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The muffled sound of peace drums in Afghanistan

2020-02-24T003904Z_802911265_RC296F9APZ3L_RTRMADP_3_AFGHANISTAN-SECURITY-400×286.jpg


Author: Sajjad Ashraf, Singapore

A seven-day ‘reduction in violence’ deal between the United States and the Afghan Taliban took effect on 21 February. During this time, the two antagonists will refrain from attacks and military operations to facilitate a peacemaking process that may — if successful — lead to the signing of an agreement on 29 February. But this would be just one of many steps that must be taken to bring peace to Afghanistan.

An Afghan National Army soldier inspects passengers at a checkpoint in Khogyani district of Nangarhar province, Afghanistan, 23 February (Photo: Reuters/Parwiz).

The agreement would not be a peace deal, but a platform to negotiate one through a process including intra-Afghan dialogue. The platform will reportedly aim to meet the core demands of both sides — the withdrawal of US troops from Afghanistan and Taliban guarantees to stop harbouring militants. The agreement would also include steps to achieve a ceasefire and a process for political settlement.

An agreement would likely be followed by a prisoner exchange and negotiations between the Taliban and Afghan government representatives. But Kabul previously said that a prisoner exchange would only be discussed during intra-Afghan dialogue. The seven-day violence reduction period tests the authority of the Taliban representatives to control their field commanders and create an environment conducive to intra-Afghan dialogue. Beginning such dialogue would be a major milestone — the Taliban has so far refused to talk to the Kabul regime, calling it a ‘puppet’ of Washington.

But still more obstacles litter the road to peace, and the success of the proposed agreement involves a sequence of interdependent issues.

Domestic politics impel US President Donald Trump to withdraw troops to demonstrate that he is serious about winding down the war during an election year, but he must do so without risking the survival of the government in Kabul. But both Washington and Kabul fear that the Taliban may exploit any US troop withdrawal as an opportunity for military victory — the Taliban knows that the Kabul regime survives only because of the US military presence.

But the Taliban also fears that concessions made to the United States may demoralise its own fighters, allowing the United States to postpone its withdrawal. The Taliban will be making a key concession if it agrees to meet representatives from Kabul in an official capacity, as they have only previously met in an individual capacity.

The exact process of any phased US military withdrawal is yet to be determined. Leaks suggest that the United States will reduce its troops from about 13,000 to 8600 within 135 days of signing the agreement. Further troop reductions are contingent on the Taliban meeting certain conditions. In a country divided among warlords, this will surely create problems. There is suspicion that the United States wants an extended stay in Afghanistan and will continue to dig its heels once Taliban influence is somewhat reduced.

There are many other issues between Kabul and the Taliban that need to be resolved once dialogue is formally opened. The two sides must quickly tackle the issue of heavily armed militias and Taliban fighters, and how to integrate them into a unified national military. Immunity from prosecution for the residual US troops — signed by the Kabul government — will be hard for the Taliban to accept. The Taliban will also want to amend the constitution according to their interpretation of Islamic injunctions, but the Kabul government will resist.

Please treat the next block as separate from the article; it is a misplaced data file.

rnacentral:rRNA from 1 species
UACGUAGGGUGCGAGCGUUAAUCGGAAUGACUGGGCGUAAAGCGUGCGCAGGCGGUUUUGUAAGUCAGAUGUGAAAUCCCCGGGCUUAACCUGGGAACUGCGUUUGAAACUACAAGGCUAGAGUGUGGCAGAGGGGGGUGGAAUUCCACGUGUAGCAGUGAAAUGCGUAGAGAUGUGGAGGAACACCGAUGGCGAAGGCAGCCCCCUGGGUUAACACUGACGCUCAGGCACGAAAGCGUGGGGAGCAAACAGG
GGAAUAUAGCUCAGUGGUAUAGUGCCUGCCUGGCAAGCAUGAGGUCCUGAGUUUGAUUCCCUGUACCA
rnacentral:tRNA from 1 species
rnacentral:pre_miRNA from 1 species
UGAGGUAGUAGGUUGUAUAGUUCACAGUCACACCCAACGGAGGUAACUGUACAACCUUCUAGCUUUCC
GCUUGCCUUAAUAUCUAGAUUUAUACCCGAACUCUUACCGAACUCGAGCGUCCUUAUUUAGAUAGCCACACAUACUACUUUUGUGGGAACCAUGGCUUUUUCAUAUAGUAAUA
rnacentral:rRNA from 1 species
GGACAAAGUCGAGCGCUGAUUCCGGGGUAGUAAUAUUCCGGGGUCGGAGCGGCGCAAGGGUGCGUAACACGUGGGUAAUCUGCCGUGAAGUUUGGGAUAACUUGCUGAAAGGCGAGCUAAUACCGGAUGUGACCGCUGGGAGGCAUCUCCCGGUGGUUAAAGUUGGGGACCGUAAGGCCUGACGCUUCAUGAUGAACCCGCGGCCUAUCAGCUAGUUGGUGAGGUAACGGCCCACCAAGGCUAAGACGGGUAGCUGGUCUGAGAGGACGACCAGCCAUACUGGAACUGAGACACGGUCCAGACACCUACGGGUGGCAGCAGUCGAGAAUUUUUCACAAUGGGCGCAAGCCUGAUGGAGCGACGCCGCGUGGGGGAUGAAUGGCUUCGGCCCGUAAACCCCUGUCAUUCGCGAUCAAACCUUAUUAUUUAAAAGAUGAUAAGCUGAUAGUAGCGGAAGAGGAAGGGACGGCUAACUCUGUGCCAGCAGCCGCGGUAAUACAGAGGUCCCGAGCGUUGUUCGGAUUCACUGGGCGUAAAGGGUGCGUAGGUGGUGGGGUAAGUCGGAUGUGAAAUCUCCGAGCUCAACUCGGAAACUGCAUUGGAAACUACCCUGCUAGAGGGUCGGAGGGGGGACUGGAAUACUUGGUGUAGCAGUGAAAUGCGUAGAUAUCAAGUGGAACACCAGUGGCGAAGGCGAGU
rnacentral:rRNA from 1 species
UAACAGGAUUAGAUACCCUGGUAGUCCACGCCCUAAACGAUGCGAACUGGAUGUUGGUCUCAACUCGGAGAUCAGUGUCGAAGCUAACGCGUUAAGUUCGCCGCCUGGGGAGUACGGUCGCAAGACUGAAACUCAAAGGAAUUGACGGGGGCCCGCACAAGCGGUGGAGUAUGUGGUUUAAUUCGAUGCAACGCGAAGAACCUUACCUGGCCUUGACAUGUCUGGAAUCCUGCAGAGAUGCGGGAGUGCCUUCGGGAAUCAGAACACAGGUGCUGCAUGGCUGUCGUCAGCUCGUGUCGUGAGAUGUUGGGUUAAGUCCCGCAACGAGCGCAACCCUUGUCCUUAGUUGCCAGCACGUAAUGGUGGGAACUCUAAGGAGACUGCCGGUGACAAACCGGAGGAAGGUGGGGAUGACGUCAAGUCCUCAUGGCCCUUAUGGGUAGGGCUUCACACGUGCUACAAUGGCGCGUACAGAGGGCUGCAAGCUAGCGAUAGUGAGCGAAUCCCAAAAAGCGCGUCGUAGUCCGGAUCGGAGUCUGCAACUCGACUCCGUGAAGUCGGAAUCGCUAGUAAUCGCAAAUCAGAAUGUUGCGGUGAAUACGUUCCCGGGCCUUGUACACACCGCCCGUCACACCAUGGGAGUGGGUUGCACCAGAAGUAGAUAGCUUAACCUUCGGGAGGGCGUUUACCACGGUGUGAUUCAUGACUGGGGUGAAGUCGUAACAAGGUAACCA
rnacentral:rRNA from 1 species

After a five-month dispute over the Afghan presidential election results, Ashraf Ghani was declared the winner two days after the ‘reduction in violence’ deal was announced. This allows the United States to pitch Ghani — a former US citizen — as the main interlocutor with the Taliban. But the election results can hardly be considered credible with only 1.8 million votes included in the final count out of Afghanistan’s 9.6 million registered voters.

Ghani’s bitter rival Abdullah Abdullah — who has lost three successive presidential elections — rejected the election results and announced that he will set up a parallel government with support from former vice president and current major warlord Rashid Dostum. The Taliban also rejected the election results, saying that declaring Ghani’s victory two days after the possible deal announcement jeopardises peace prospects and creates the potential for violence to erupt again. A government based on such a limited mandate amid such conflict can hardly be credible and effective. It will be weak and at the mercy of warlords.

Another potential obstacle is actors on both sides who still seek a maximalist position and absolute power. There is also a risk that disparate Afghan groups looking for spoils may trigger military conflict as they are not bound by the ‘reduction in violence’ deal. And if the deal does not hold, the peace process could quickly fall apart or at least be delayed indefinitely.

The road to peace still appears to be long and bumpy. Trump wants to send a sufficient number of troops home before the November elections so that he can claim credit for winding down the war, while leaving enough troops behind to susutain a surrogate regime in Kabul. Peace drums have sounded in Afghanistan, but their beat is still muffled.

Sajjad Ashraf served as adjunct professor between 2009–2017 at the Lee Kuan Yew School of Public Policy, National University of Singapore. He was a member of Pakistan’s foreign service between 1973­–2008.



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